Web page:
Culture Building Resources

MSC 2018 Featured Session #67: Handouts

Brain-Based Strategies to Build Trust in Your School Culture

Why do people trust each other? And when they do, exactly what happens inside the brain? As Neuroscientists learn more about the chemical nature of human behavior, they are learning that trust is a drug. Or rather, a cocktail of drugs in our brain. Their studies show that the relationship between the amount of certain brain chemicals and trustworthiness is so exact, it can be used to predict the level of trust in any relationship. Neuroscientists are unlocking the links between our brain and our relationships. They are learning that there really is a “Chemistry of Culture”.

ICLE Senior Advisor Jim Warford has led change at the school, district, and state level. He has inspired and helped guide many Model Schools. He has been studying the brain-based strategies that Model Schools have used to create a positive culture. You will leave this session with specific brain-based strategies you can use to build trust in your school culture!

Jim Warford Blog Post – If Your Culture is Broken, You Can’t Fix Anything Else:

Empathy is on the decline:

How to Create Empathy at School:

Can you trust your eyes?

Trust Article + Videos

Elements of Trust:

More Videos:
Heider-Simmel Test on Vimeo:

Interpreting Heider-Simmel Results:

The Five Levels of Effective Listening:

Two Active Empathy Exercises:

Exercise #1 – Our judgments are not facts
Our thoughts and judgments can have a strong influence on how we feel and what we do. Often thoughts and judgments are automatically. It is possible to take distance from your thoughts and judgments when you are conscious about them in your head and then move the focus on the breathing and your experiences in the current moment (Beuningen, 2011).
Through this you can experience that you can think something else than your previous
thought or judgment. This can help free you from old patterns of how you were thinking and those who come automatically.
Most important is that we realize that: Thoughts are merely events in our head; thoughts are not facts, and that we are more than our thoughts.
We can get a grip on our thoughts by focusing our attention on it. This can help to reduce our identification with it. “I am not my thought/judgment”. There are some automatically not-helping thought patterns who can bring our mood down. Knowledge about it can help noticing thought patterns and to practice in more correct and effective thoughts.

Exercise #2:
Try to get comfortable and close your eyes. Slowly breath in and out three times. Take some time to notice the thoughts or judgments which are in your head right at this moment. Try to imagine that you are in a movie theater and looking at a white screen. Wait until thoughts are coming up. What kind of thoughts are these? What happens with them?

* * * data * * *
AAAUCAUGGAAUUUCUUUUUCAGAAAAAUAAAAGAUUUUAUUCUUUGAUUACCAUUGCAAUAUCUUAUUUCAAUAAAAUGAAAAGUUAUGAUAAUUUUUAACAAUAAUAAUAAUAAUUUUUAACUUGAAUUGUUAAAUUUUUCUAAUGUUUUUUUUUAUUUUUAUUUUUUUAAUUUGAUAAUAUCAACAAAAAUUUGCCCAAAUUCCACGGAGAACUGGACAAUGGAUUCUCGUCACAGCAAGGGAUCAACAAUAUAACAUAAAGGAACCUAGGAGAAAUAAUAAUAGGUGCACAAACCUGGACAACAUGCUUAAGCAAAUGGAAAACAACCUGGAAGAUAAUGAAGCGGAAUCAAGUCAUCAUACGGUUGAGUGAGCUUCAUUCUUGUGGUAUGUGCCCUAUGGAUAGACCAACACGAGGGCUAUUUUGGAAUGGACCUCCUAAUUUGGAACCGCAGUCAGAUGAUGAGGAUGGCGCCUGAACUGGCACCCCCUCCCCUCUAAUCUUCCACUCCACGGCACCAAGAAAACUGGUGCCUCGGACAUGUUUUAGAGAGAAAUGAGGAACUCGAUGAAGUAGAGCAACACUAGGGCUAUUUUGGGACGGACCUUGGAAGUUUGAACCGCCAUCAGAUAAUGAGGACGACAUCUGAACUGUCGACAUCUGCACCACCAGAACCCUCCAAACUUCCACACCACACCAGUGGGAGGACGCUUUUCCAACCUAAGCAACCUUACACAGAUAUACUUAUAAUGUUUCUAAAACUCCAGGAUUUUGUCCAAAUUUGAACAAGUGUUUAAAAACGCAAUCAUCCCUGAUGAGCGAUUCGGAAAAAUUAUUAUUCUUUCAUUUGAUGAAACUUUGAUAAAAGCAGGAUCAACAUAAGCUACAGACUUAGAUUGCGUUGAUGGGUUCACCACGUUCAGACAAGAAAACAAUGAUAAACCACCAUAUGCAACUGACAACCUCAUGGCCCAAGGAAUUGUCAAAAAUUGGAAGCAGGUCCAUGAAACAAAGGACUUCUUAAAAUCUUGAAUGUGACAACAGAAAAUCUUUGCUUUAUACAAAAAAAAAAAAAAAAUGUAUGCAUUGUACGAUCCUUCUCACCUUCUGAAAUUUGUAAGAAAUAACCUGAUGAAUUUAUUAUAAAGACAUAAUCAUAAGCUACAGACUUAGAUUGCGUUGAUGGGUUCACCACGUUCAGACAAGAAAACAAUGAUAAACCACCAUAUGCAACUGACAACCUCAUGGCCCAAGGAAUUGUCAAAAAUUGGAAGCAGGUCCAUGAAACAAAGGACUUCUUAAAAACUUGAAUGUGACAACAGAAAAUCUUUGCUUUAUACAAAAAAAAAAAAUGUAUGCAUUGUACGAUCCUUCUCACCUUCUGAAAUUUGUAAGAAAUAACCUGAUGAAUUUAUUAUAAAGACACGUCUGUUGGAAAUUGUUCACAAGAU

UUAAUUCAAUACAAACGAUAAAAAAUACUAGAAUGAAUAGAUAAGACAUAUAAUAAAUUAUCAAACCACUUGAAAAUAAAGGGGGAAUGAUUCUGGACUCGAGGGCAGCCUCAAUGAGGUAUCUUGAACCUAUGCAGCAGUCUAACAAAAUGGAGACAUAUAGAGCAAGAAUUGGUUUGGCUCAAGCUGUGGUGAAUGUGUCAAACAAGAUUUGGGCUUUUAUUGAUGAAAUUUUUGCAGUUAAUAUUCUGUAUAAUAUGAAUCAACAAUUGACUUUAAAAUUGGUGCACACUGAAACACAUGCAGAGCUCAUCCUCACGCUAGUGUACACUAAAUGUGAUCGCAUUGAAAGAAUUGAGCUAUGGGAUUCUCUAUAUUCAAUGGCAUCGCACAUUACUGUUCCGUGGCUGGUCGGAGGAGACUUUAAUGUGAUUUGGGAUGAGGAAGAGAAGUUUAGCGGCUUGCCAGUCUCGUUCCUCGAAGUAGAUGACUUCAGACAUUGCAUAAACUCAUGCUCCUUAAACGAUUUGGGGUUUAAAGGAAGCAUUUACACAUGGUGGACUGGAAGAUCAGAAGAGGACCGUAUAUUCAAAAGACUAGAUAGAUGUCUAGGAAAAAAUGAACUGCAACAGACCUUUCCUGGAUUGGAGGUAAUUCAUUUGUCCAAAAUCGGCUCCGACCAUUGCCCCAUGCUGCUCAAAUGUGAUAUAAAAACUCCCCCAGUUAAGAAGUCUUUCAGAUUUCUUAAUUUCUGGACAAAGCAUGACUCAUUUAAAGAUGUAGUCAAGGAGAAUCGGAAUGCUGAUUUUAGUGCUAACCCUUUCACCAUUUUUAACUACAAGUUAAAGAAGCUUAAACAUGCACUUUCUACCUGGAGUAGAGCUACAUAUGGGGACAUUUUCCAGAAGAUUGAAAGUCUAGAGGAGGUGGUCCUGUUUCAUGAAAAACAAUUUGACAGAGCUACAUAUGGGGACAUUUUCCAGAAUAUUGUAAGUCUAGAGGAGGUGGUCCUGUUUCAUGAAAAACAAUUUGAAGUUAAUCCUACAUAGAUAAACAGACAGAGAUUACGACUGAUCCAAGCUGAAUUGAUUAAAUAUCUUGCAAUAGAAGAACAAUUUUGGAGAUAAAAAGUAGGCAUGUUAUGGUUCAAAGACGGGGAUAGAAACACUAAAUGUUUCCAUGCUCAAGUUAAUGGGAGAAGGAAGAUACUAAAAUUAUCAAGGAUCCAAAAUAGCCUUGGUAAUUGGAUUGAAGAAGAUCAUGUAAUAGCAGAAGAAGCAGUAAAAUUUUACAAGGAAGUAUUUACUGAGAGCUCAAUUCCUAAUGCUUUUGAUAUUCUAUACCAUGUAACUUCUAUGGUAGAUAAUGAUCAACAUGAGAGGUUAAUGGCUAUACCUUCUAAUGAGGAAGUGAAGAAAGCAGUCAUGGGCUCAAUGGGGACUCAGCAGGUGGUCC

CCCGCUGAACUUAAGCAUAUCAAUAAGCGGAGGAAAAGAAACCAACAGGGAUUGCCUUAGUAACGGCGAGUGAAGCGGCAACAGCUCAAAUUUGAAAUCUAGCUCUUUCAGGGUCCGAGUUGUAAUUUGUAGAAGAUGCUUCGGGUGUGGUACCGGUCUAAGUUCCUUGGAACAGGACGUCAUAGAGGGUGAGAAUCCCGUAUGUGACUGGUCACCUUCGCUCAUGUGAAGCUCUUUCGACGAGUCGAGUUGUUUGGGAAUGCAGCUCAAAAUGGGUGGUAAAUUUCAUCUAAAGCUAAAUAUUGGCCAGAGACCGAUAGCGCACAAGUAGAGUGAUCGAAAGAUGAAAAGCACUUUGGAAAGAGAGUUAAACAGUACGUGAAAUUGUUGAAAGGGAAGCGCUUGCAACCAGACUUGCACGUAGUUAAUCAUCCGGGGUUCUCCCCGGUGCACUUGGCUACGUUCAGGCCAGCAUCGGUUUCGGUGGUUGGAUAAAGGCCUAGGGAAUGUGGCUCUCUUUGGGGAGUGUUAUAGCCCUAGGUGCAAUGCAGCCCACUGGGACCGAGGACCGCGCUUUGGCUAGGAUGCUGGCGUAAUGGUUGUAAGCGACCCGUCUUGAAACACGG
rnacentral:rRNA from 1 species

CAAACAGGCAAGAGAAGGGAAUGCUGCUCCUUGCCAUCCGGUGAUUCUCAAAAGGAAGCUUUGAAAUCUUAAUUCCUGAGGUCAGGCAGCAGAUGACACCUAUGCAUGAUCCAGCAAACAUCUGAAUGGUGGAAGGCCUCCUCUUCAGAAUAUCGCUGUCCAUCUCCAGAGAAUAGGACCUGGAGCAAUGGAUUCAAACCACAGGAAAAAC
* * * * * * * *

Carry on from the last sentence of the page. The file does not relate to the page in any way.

We are looking at our thoughts and suddenly we are caught in the middle of it. When we are caught in it, we forget that they are just an appearance! It is astonishing to notice how much control unwishful thoughts may have.
The influence thoughts have on our life depends on how much control we give them. If we succeed in keeping distance to our thoughts and judgments, the control will be less. The challenge is to be aware of our thoughts and judgments, to see them clear. At that moment we have the choice: We act or we don’t. (Beuningen, 2011).
Closure: To end this last exercise of this module you can ask the following questions: To what extent did you succeed in keeping distance from your unpleasant thoughts and judgments? –
What do you personally need, to find distance? To what extent do you think you will be better in it by practicing?

Bill Dagget White Paper: Success Beyond State Tests

Bill Daggett White Paper: Innovating for Impact

Dr. Richard Jones White Paper: Quad D Leadership:

Growth Mindset Checkup:

Paul J. Zak, The Neuroscience of Trust, Harvard Business Review, Jan-Feb 2017
Joshua O. S. Goh, Eric D. Leshikar, Bradley P. Sutton, Jiat Chow Tan, Sam K. Y. Si3, Andrew C. Hebrank and Denise C. Park,Culture Differences in Neural Processing, Social Cognitive and Affective Neuroscience, June 2010

Paul J. Zak, The Neuroscience of Trust, Harvard Business Review, Jan-Feb 2017

Christopher Bergland, The Neuroscience of Savoring Positive Emotions: Sustained ventral striatum activation is linked to savoring positive emotions, Psychology Today, 2015

Your brain on culture – American Psychological Association, November 2010

Monitor on Psychology Chinese, English Speakers Do Math Differently, Yiyuan Tang of Dalian University of Technology in Dalian, China. Associated Press, 6/26/2006

Nalini Ambady, Culture shapes a mesolimbic response to signals of dominance and
subordination that associates with behavior, NeuroImage, Vol. #47, 1 August 2009